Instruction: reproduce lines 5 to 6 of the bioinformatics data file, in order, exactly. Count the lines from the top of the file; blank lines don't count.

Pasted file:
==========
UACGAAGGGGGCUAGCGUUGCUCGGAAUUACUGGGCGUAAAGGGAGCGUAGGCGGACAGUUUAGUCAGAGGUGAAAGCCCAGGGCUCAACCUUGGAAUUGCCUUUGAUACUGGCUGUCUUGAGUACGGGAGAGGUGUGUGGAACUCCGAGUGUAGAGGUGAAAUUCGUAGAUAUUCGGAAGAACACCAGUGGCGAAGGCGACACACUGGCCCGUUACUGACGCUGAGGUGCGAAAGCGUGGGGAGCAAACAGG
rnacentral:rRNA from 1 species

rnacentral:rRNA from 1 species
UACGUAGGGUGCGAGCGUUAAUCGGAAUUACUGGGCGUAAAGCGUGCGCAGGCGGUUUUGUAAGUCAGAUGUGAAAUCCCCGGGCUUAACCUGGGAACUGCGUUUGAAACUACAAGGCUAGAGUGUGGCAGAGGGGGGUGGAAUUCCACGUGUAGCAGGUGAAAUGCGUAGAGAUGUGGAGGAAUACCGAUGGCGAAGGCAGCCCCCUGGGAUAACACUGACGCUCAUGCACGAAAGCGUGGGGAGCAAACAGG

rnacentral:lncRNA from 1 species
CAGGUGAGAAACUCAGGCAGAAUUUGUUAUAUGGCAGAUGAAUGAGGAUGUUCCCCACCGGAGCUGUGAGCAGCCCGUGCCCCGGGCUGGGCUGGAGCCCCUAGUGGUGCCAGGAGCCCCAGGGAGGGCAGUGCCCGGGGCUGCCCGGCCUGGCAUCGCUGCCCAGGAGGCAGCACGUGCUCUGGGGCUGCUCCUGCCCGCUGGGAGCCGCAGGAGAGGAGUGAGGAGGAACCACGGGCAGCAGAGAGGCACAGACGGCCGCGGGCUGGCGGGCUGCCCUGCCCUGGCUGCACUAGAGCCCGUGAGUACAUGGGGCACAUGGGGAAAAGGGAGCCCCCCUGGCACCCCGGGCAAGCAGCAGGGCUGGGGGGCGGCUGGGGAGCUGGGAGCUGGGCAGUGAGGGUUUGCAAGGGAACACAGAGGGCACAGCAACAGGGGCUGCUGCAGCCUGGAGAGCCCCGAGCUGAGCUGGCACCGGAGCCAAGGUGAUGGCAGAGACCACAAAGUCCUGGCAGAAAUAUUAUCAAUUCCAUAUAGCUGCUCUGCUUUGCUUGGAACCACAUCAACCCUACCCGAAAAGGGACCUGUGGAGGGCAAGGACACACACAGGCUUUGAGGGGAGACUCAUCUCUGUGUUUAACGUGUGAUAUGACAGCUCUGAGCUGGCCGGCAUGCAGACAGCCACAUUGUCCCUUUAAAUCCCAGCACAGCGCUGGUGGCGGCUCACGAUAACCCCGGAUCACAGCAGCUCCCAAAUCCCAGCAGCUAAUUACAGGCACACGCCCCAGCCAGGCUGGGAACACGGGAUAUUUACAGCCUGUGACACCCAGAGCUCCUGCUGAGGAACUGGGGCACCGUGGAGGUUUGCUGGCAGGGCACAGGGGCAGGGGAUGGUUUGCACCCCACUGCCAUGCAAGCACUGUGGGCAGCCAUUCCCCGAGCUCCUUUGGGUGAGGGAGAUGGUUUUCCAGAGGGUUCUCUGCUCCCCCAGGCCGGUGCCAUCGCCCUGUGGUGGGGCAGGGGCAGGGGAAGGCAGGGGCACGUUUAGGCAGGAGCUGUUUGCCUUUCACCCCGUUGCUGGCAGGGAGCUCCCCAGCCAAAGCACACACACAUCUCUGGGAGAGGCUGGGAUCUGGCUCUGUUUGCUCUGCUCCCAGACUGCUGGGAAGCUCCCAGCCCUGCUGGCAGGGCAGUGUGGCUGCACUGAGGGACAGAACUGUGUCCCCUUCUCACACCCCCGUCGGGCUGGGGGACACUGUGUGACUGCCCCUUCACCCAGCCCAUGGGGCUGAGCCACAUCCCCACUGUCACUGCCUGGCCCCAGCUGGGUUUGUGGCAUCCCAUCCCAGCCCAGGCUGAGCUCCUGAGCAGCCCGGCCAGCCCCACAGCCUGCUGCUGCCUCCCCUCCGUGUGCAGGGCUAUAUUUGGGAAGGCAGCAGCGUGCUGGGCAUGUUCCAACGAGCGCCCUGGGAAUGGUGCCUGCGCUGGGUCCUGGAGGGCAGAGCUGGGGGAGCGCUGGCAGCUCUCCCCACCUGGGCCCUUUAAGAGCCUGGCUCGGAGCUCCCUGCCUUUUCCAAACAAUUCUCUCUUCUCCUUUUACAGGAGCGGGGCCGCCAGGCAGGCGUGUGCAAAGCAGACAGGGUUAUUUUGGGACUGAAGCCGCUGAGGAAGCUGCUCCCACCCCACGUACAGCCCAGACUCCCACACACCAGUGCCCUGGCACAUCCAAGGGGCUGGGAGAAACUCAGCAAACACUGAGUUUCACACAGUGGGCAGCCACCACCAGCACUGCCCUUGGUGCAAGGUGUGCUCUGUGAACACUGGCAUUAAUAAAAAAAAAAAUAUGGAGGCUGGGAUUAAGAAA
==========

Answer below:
rnacentral:lncRNA from 1 species
CAGGUGAGAAACUCAGGCAGAAUUUGUUAUAUGGCAGAUGAAUGAGGAUGUUCCCCACCGGAGCUGUGAGCAGCCCGUGCCCCGGGCUGGGCUGGAGCCCCUAGUGGUGCCAGGAGCCCCAGGGAGGGCAGUGCCCGGGGCUGCCCGGCCUGGCAUCGCUGCCCAGGAGGCAGCACGUGCUCUGGGGCUGCUCCUGCCCGCUGGGAGCCGCAGGAGAGGAGUGAGGAGGAACCACGGGCAGCAGAGAGGCACAGACGGCCGCGGGCUGGCGGGCUGCCCUGCCCUGGCUGCACUAGAGCCCGUGAGUACAUGGGGCACAUGGGGAAAAGGGAGCCCCCCUGGCACCCCGGGCAAGCAGCAGGGCUGGGGGGCGGCUGGGGAGCUGGGAGCUGGGCAGUGAGGGUUUGCAAGGGAACACAGAGGGCACAGCAACAGGGGCUGCUGCAGCCUGGAGAGCCCCGAGCUGAGCUGGCACCGGAGCCAAGGUGAUGGCAGAGACCACAAAGUCCUGGCAGAAAUAUUAUCAAUUCCAUAUAGCUGCUCUGCUUUGCUUGGAACCACAUCAACCCUACCCGAAAAGGGACCUGUGGAGGGCAAGGACACACACAGGCUUUGAGGGGAGACUCAUCUCUGUGUUUAACGUGUGAUAUGACAGCUCUGAGCUGGCCGGCAUGCAGACAGCCACAUUGUCCCUUUAAAUCCCAGCACAGCGCUGGUGGCGGCUCACGAUAACCCCGGAUCACAGCAGCUCCCAAAUCCCAGCAGCUAAUUACAGGCACACGCCCCAGCCAGGCUGGGAACACGGGAUAUUUACAGCCUGUGACACCCAGAGCUCCUGCUGAGGAACUGGGGCACCGUGGAGGUUUGCUGGCAGGGCACAGGGGCAGGGGAUGGUUUGCACCCCACUGCCAUGCAAGCACUGUGGGCAGCCAUUCCCCGAGCUCCUUUGGGUGAGGGAGAUGGUUUUCCAGAGGGUUCUCUGCUCCCCCAGGCCGGUGCCAUCGCCCUGUGGUGGGGCAGGGGCAGGGGAAGGCAGGGGCACGUUUAGGCAGGAGCUGUUUGCCUUUCACCCCGUUGCUGGCAGGGAGCUCCCCAGCCAAAGCACACACACAUCUCUGGGAGAGGCUGGGAUCUGGCUCUGUUUGCUCUGCUCCCAGACUGCUGGGAAGCUCCCAGCCCUGCUGGCAGGGCAGUGUGGCUGCACUGAGGGACAGAACUGUGUCCCCUUCUCACACCCCCGUCGGGCUGGGGGACACUGUGUGACUGCCCCUUCACCCAGCCCAUGGGGCUGAGCCACAUCCCCACUGUCACUGCCUGGCCCCAGCUGGGUUUGUGGCAUCCCAUCCCAGCCCAGGCUGAGCUCCUGAGCAGCCCGGCCAGCCCCACAGCCUGCUGCUGCCUCCCCUCCGUGUGCAGGGCUAUAUUUGGGAAGGCAGCAGCGUGCUGGGCAUGUUCCAACGAGCGCCCUGGGAAUGGUGCCUGCGCUGGGUCCUGGAGGGCAGAGCUGGGGGAGCGCUGGCAGCUCUCCCCACCUGGGCCCUUUAAGAGCCUGGCUCGGAGCUCCCUGCCUUUUCCAAACAAUUCUCUCUUCUCCUUUUACAGGAGCGGGGCCGCCAGGCAGGCGUGUGCAAAGCAGACAGGGUUAUUUUGGGACUGAAGCCGCUGAGGAAGCUGCUCCCACCCCACGUACAGCCCAGACUCCCACACACCAGUGCCCUGGCACAUCCAAGGGGCUGGGAGAAACUCAGCAAACACUGAGUUUCACACAGUGGGCAGCCACCACCAGCACUGCCCUUGGUGCAAGGUGUGCUCUGUGAACACUGGCAUUAAUAAAAAAAAAAAUAUGGAGGCUGGGAUUAAGAAA